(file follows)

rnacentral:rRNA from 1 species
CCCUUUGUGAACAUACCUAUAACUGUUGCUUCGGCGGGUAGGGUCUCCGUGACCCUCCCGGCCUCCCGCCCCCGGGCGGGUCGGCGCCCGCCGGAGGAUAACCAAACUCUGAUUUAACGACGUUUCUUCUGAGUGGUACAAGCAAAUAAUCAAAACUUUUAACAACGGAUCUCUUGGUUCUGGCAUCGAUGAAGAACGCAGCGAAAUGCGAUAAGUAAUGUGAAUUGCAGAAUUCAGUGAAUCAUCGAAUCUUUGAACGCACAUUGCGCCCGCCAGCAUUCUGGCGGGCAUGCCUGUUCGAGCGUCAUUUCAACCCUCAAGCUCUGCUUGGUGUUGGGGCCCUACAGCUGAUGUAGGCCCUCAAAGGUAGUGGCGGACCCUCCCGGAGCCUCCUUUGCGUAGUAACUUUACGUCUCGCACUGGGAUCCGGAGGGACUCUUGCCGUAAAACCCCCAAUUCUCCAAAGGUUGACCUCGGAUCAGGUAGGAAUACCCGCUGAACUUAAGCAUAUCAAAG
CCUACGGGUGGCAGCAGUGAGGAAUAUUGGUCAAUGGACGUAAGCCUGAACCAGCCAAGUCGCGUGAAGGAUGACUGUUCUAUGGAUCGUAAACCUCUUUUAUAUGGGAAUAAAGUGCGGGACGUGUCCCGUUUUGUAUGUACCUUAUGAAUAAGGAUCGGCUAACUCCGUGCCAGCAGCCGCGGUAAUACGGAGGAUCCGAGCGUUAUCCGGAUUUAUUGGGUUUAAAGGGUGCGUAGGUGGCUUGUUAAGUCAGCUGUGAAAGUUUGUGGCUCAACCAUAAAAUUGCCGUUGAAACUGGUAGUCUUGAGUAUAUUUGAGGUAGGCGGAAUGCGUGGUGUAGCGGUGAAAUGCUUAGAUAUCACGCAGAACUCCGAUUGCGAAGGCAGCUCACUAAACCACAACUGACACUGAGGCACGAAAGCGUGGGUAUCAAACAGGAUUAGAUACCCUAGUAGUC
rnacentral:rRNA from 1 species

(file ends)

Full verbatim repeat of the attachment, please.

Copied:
rnacentral:rRNA from 1 species
CCCUUUGUGAACAUACCUAUAACUGUUGCUUCGGCGGGUAGGGUCUCCGUGACCCUCCCGGCCUCCCGCCCCCGGGCGGGUCGGCGCCCGCCGGAGGAUAACCAAACUCUGAUUUAACGACGUUUCUUCUGAGUGGUACAAGCAAAUAAUCAAAACUUUUAACAACGGAUCUCUUGGUUCUGGCAUCGAUGAAGAACGCAGCGAAAUGCGAUAAGUAAUGUGAAUUGCAGAAUUCAGUGAAUCAUCGAAUCUUUGAACGCACAUUGCGCCCGCCAGCAUUCUGGCGGGCAUGCCUGUUCGAGCGUCAUUUCAACCCUCAAGCUCUGCUUGGUGUUGGGGCCCUACAGCUGAUGUAGGCCCUCAAAGGUAGUGGCGGACCCUCCCGGAGCCUCCUUUGCGUAGUAACUUUACGUCUCGCACUGGGAUCCGGAGGGACUCUUGCCGUAAAACCCCCAAUUCUCCAAAGGUUGACCUCGGAUCAGGUAGGAAUACCCGCUGAACUUAAGCAUAUCAAAG
CCUACGGGUGGCAGCAGUGAGGAAUAUUGGUCAAUGGACGUAAGCCUGAACCAGCCAAGUCGCGUGAAGGAUGACUGUUCUAUGGAUCGUAAACCUCUUUUAUAUGGGAAUAAAGUGCGGGACGUGUCCCGUUUUGUAUGUACCUUAUGAAUAAGGAUCGGCUAACUCCGUGCCAGCAGCCGCGGUAAUACGGAGGAUCCGAGCGUUAUCCGGAUUUAUUGGGUUUAAAGGGUGCGUAGGUGGCUUGUUAAGUCAGCUGUGAAAGUUUGUGGCUCAACCAUAAAAUUGCCGUUGAAACUGGUAGUCUUGAGUAUAUUUGAGGUAGGCGGAAUGCGUGGUGUAGCGGUGAAAUGCUUAGAUAUCACGCAGAACUCCGAUUGCGAAGGCAGCUCACUAAACCACAACUGACACUGAGGCACGAAAGCGUGGGUAUCAAACAGGAUUAGAUACCCUAGUAGUC
rnacentral:rRNA from 1 species